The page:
Canada / 12 minutes / color with some bw / Dark Room, DarqueAlley, Evangelos Dir & Scr: Spiro K Pr: Spiro K, Angelo Karell, Laquita Lisi Story: “Peekaboo” (1979 in Nightmares ed Charles L. Grant) by Bill Pronzini Cine: Laquita Lisi, Angelo Karell Cast: Spiro K, Alex Georgiadis, Peter Georgiadis, Angelo Karell, Stephanie Kelly, Nick Karoubalis, Jonathan Flynn, Laquita Lisi.
A bank robbery went wrong in Boston. The thieves managed to transfer $12 million but, as they escaped, the cops arrived and there was a shootout. Two young boys playing peekaboo nearby, William and Kenneth Reilly (Alex and Peter Georgiadis), were killed in the crossfire, and one of the robbers, Bobby Lee Grant (Karell), now lies in the hospital in a coma. The other, Roper (K), goes on the run, renting a swanky furnished house in Whitehall, NY, where he plans to pass the time writing fiction until the heat dies down. The realtor (Kelly) warns him that the house was built by witches and that earlier tenants have been spooked, but of course he pooh-poohs this.
He’s not quite so offhand when, in the cellar, he finds an array of cards on the floor, the central one bearing the words
I SEE YOU
And he’s even less amused when, later, he hears on the radio that Grant has been found murdered in his hospital room despite 24-hour police surveillance; on the wall, in Grant’s blood, were scrawled the words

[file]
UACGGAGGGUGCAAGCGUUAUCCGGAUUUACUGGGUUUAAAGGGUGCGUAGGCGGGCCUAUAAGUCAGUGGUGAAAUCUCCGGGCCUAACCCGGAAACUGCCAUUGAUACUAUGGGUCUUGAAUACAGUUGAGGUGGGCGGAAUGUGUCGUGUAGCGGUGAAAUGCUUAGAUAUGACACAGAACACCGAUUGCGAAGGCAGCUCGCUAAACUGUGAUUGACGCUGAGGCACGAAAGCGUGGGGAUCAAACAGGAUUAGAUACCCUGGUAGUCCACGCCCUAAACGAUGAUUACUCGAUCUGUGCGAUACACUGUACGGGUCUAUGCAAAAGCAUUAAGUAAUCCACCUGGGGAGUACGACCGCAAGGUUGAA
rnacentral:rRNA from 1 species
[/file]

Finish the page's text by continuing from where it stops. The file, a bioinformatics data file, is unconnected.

I SEE YOU
It’s a fortnight after the robbery when Roper hears a bump in the night and, nervously, combs the house, gun in hand. Pausing in the kitchen, he has a sort of fevre dream, a horrific vision in which he sees Grant, the two kids and his own suicide. Waking, he finds himself drawn to the cellar . . .
Roper (Spiro K) searches the house.
It was of course the Pronzini connection that attracted me to this taut little chiller. Despite the noirish setting—the failed bank robbery, etc.—this is really just a nicely creepy story rather than anything truly noirish. In its opening credits Peekaboo declares itself to be merely a fan movie, but this is selling itself rather short. The technical aspects of the movie are fully professional and the acting by and large falls not too far short. It’s a great little piece with a genuine shudder at the end.
Roper’s vision of the two boys (Alex and Peter Georgiadis).
The director has posted this movie to YouTube.